Wolfers is co-editor of the prestigious “Brookings Papers on Economic Activity.” Ironically, a recent issue contained a lead article by elite Democratic economists Larry Summers and Brad DeLong invoking a similar mechanism as Professor Friedman. Summers and DeLong argued a large negative temporary demand shock can permanently lower output: Friedman simply reversed that and argued a large positive temporary stimulus can permanently raise output and growth.
There is legitimate room for intellectual difference. What is so stunning is the tone of the critique and the fact it sought to diminish an important policy (fiscal stimulus) just because Sanders was using it to his political advantage.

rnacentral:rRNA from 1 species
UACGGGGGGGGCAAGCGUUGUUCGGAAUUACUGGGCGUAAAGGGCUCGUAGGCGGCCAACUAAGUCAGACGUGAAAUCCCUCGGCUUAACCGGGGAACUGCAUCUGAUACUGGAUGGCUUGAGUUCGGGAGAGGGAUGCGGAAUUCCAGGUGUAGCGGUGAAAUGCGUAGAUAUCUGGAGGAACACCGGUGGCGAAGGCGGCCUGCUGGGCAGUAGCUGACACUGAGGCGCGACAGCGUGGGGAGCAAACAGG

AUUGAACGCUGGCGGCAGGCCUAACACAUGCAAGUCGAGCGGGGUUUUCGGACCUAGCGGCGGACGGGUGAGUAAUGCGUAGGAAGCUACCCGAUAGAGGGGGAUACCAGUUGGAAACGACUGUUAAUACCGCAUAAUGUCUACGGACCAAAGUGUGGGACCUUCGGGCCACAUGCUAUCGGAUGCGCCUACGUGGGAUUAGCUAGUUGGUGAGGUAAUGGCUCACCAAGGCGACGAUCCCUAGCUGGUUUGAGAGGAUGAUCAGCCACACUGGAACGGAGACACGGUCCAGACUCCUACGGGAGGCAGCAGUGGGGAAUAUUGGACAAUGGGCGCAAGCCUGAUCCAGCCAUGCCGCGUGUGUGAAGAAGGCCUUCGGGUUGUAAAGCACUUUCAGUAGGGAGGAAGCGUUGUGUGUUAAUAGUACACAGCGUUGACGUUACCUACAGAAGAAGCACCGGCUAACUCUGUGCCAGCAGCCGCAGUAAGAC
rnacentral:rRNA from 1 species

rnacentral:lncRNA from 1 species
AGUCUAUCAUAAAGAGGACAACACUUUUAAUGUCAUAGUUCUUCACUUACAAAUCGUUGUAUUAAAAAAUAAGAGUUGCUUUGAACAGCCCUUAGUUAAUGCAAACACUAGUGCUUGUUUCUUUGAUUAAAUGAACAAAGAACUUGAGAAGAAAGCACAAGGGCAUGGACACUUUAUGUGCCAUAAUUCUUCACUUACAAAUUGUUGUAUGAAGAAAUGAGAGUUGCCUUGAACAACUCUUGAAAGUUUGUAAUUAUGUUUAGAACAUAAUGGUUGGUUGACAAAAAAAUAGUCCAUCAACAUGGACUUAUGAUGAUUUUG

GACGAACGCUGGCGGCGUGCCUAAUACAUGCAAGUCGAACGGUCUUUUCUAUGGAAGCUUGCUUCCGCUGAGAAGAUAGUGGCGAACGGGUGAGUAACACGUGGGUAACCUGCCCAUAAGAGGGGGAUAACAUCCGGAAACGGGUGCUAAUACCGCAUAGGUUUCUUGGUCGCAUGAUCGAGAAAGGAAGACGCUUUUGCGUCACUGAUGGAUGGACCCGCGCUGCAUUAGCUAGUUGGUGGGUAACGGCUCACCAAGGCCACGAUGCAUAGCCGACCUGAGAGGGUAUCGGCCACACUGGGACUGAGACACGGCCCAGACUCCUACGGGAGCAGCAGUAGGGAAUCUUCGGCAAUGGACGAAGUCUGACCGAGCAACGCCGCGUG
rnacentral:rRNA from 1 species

Given their elite professional standing and easy access to elite media, these attacks quickly ramified throughout the mainstream media, illustrating how the elite-media/elite-opinion nexus works.
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The slamming of Sanders reflects an enduring status quo defense mechanism which usually begins with insinuations of extremism, then mixes in charges of lack of qualification and realism, and ends with assertions of unelectability. It is applied in both political and public intellectual life.
The extremism gambit explains the persistent linking of Sanders and Trump. Whereas Trump is an egotistical demagogue and businessman with a disreputable business history, Sanders is a thoughtful social democrat with a long history of public service through high electoral office.